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Author Exposes U.S. Gov’t Cluelessness, Gets Persecuted by U.S. Gov’t

Incorporating Washington Post Book World.The U.S. State Department has been known to make noise about protecting free speech around the world. Writers and bloggers, the department says, should be allowed to publish their opinions even if they conflict with government dogma. But these freedoms are granted to humanity by the State Department under the strict condition that the people practicing the free speech live in a distant land, and that the government they annoy is just some bearded bogeyman religious regime like in Iran, or an inscrutable oligarchy like in China. Tell uncomfortable truths about U.S. policy, or so much as mention “Wikileaks,” and the American Authorities will hound you like a furious baboon (a furious baboon-hound, we mean). Hence the current jihad against Peter Van Buren’s We Meant Well: How I Helped Lose the Battle for the Hearts and Minds of the Iraqi People. We have read and reviewed this delightful book!

Van Buren is a Foreign Service officer who spent a year in Iraq (2009-2010) heading two “reconstruction teams” assigned to rebuild Iraqi infrastructure and “win hearts and minds.” What Van Buren saw in Iraq during the “civilian surge,” however, was mostly waste, futility, and criminal insanity.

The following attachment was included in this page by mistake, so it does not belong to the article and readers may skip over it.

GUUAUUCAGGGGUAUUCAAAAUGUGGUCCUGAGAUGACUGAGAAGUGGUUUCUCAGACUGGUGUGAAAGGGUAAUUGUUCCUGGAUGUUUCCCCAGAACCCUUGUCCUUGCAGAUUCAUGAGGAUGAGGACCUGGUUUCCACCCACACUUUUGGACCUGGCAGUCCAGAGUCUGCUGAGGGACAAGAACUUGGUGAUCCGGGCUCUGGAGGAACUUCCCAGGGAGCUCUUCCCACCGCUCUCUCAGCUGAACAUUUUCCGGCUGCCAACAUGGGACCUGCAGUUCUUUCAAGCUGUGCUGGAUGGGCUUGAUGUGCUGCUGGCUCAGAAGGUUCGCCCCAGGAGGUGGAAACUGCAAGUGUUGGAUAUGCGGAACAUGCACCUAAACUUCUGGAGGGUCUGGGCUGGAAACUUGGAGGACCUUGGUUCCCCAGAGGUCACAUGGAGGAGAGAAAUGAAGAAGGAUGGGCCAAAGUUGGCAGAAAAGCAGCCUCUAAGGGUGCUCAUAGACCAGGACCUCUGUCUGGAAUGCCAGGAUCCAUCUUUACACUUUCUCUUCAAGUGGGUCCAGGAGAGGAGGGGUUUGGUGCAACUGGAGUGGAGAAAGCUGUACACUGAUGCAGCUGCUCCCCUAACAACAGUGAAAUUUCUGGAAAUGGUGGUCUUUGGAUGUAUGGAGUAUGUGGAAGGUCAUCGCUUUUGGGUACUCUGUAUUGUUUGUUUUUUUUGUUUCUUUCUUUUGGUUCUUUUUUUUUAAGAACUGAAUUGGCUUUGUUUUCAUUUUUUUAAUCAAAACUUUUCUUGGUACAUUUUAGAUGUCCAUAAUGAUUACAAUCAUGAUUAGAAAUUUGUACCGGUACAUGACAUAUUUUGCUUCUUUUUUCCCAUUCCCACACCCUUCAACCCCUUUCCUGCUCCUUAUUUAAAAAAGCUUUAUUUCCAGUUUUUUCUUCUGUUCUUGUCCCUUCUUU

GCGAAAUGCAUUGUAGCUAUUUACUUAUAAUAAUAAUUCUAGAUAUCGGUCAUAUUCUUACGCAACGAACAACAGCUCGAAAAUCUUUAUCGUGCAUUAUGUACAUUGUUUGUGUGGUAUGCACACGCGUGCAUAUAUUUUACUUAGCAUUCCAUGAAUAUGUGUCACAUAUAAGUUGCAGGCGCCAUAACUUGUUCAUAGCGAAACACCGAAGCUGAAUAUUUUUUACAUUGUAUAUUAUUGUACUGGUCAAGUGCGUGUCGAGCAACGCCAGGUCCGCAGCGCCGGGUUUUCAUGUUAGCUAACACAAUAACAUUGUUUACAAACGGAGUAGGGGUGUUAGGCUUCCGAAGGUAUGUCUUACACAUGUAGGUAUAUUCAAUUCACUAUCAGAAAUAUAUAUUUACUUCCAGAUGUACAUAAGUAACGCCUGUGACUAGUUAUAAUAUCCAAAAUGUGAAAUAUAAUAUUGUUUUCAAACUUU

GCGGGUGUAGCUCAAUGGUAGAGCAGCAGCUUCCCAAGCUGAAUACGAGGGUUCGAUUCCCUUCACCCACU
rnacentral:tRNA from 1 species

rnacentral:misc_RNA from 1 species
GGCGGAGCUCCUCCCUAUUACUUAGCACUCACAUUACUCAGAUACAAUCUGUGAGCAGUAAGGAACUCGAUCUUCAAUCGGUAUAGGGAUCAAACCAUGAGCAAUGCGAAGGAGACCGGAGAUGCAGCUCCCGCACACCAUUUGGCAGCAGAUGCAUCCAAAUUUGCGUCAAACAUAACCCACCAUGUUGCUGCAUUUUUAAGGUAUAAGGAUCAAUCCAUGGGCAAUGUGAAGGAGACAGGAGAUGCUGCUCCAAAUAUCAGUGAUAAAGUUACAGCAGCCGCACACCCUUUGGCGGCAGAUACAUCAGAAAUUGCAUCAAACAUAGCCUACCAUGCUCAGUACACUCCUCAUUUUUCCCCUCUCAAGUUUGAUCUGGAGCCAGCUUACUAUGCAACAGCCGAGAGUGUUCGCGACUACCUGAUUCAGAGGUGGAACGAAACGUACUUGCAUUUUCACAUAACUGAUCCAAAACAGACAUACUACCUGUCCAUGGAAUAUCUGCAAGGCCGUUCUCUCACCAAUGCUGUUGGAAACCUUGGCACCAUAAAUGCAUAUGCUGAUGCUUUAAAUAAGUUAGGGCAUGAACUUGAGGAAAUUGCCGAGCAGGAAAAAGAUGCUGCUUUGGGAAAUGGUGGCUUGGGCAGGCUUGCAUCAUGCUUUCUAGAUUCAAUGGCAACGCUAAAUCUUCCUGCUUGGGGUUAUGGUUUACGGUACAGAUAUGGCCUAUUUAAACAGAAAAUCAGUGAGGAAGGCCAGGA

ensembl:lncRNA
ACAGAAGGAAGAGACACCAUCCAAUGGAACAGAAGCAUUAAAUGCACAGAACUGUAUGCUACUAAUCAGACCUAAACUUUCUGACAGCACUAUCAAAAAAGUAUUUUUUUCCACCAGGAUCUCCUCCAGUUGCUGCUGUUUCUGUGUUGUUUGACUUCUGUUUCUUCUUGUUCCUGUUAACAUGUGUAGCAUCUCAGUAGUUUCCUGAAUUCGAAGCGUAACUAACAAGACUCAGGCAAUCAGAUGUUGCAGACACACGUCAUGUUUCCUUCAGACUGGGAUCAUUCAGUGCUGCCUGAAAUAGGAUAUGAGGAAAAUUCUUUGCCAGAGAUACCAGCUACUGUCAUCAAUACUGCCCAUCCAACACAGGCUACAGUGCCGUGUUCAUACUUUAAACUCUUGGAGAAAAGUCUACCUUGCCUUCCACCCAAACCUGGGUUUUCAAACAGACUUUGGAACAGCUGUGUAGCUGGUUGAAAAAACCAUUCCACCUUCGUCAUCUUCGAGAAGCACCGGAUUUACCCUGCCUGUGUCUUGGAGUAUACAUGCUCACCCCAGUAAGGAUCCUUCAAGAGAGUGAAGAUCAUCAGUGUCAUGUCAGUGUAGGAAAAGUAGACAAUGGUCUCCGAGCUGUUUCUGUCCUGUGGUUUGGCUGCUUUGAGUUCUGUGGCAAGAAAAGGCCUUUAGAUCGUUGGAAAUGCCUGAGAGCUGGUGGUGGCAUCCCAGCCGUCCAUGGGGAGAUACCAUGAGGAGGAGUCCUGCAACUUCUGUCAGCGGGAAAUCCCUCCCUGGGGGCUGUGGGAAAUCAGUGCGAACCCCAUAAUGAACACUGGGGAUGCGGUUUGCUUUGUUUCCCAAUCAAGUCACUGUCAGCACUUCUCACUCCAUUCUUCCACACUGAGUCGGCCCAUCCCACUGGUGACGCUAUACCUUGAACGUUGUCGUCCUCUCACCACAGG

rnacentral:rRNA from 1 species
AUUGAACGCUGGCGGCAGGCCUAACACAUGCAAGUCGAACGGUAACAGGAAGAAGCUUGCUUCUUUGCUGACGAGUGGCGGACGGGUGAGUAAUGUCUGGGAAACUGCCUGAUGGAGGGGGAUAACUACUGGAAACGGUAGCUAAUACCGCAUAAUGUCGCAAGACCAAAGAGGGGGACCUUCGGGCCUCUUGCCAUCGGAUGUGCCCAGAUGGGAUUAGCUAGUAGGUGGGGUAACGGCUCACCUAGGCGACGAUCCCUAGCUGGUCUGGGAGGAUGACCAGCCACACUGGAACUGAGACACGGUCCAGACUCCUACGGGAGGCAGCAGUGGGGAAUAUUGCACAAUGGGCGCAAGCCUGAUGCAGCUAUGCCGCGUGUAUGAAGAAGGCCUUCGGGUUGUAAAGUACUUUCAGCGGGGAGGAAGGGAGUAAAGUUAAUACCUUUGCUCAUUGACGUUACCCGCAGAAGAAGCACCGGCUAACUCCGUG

We meant well.It’s not often your Wonkette book reviewer recommends “topical” books, but we recommend this book wholeheartedly. It’s savagely funny, hugely entertaining and 100% free from political and media clichés. Best of all, it’s filled with vivid (and grimly hilarious) pictures of the actual “reconstruction of Iraq.”

Van Buren outlines several comical ways our government is trying to Americanize Iraq. Just a few examples: a truckload of classic American books translated into Arabic that end up being dumped behind a Baghdad school (their purpose was to teach Iraqi children “basic literacy skills,” but they were apparently unreadable); the expensive construction of a milk-processing plant in the middle of the desert far from people or dairies; programs to make Iraqi women dress more like American women, etc. In the midst these schemes, no one thinks to attend to basic necessities like water, sewage, and electricity.

Van Buren has to endure several mind-numbing meetings with clueless administrators, advisers, policy wonks, and military brass. The cast of characters at a meeting with “fellows” from a “prominent national security think tank” includes an unnamed neoconservative journalist:

He liked military high tech; he used words like awesome, superb, and extraordinary (pronounced EXTRAordinary) without irony to describe tanks and guns. He said in reference to the Israeli Army, “they give me a hard-on.”